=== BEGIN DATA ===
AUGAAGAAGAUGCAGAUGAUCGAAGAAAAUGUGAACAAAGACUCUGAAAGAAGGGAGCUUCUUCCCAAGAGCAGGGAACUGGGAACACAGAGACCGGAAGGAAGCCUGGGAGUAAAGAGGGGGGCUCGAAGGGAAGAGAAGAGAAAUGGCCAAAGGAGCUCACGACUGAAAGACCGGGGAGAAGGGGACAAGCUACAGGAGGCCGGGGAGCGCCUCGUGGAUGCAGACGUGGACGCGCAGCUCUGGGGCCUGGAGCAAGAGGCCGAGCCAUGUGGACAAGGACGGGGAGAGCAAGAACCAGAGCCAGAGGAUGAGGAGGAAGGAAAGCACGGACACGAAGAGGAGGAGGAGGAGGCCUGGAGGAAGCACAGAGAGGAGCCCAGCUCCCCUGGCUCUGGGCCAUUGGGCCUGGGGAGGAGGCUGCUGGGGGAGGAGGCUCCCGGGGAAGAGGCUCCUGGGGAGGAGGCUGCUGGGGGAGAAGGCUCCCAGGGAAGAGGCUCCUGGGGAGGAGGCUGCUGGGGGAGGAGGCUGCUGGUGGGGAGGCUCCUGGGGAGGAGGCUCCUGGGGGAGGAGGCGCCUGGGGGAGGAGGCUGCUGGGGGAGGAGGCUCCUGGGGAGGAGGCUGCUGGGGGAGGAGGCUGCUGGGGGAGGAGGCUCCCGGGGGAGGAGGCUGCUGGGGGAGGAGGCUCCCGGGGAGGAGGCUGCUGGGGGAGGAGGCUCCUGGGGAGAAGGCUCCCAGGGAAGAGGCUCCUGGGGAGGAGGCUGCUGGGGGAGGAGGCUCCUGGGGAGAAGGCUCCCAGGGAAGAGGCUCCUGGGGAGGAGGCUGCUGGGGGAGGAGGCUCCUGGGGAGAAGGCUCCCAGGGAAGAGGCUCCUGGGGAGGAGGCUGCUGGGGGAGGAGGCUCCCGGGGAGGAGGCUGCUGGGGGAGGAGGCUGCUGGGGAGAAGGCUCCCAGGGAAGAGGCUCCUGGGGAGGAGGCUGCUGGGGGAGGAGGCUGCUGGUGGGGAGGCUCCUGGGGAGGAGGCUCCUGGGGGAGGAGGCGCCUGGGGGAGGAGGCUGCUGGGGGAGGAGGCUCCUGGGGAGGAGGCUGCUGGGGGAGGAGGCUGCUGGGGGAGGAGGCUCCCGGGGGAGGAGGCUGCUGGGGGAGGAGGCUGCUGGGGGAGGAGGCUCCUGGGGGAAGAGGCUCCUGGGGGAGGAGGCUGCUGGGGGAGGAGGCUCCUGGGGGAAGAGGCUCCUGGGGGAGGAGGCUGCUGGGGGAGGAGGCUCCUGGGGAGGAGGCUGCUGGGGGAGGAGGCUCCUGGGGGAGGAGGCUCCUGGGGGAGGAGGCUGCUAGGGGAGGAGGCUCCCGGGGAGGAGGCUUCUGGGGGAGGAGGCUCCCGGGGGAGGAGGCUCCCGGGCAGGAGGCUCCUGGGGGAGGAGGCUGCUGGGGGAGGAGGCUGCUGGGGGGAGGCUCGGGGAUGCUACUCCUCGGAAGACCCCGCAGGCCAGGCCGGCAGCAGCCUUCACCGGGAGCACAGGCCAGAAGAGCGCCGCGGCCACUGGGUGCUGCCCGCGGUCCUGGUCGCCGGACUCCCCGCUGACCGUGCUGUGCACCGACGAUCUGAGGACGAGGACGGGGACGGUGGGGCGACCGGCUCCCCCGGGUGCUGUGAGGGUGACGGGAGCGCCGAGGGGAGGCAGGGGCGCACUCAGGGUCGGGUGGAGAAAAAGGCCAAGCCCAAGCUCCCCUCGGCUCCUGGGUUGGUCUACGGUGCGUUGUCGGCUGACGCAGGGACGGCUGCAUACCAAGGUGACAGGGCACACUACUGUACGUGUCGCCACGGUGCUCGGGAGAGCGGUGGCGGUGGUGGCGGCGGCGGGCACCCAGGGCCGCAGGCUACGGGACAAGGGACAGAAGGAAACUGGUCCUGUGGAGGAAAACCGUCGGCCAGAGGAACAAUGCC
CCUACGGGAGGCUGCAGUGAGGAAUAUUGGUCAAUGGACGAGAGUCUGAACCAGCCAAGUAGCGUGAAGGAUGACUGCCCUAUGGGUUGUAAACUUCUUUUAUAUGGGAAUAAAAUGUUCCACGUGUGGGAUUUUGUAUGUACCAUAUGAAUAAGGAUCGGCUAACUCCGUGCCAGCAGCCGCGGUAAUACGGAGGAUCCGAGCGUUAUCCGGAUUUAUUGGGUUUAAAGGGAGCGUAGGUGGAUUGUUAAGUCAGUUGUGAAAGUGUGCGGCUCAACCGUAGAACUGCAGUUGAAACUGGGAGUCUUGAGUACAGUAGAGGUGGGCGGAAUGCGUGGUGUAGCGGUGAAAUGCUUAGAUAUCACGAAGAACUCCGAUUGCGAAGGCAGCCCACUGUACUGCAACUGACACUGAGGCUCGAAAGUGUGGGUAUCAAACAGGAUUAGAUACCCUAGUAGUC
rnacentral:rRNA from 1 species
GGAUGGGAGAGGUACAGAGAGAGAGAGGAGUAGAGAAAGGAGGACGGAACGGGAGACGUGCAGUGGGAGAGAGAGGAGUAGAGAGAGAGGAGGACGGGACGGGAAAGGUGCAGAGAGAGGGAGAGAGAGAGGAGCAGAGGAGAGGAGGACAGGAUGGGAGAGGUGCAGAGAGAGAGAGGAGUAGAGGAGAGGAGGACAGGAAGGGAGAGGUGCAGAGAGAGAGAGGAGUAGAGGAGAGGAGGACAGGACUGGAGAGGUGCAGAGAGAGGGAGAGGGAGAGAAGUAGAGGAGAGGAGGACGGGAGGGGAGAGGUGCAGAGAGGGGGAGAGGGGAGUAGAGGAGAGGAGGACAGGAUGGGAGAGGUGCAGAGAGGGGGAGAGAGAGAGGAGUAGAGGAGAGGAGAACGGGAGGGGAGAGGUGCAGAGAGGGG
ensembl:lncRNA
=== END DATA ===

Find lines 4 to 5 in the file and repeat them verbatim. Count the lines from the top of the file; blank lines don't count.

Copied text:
GGAUGGGAGAGGUACAGAGAGAGAGAGGAGUAGAGAAAGGAGGACGGAACGGGAGACGUGCAGUGGGAGAGAGAGGAGUAGAGAGAGAGGAGGACGGGACGGGAAAGGUGCAGAGAGAGGGAGAGAGAGAGGAGCAGAGGAGAGGAGGACAGGAUGGGAGAGGUGCAGAGAGAGAGAGGAGUAGAGGAGAGGAGGACAGGAAGGGAGAGGUGCAGAGAGAGAGAGGAGUAGAGGAGAGGAGGACAGGACUGGAGAGGUGCAGAGAGAGGGAGAGGGAGAGAAGUAGAGGAGAGGAGGACGGGAGGGGAGAGGUGCAGAGAGGGGGAGAGGGGAGUAGAGGAGAGGAGGACAGGAUGGGAGAGGUGCAGAGAGGGGGAGAGAGAGAGGAGUAGAGGAGAGGAGAACGGGAGGGGAGAGGUGCAGAGAGGGG
ensembl:lncRNA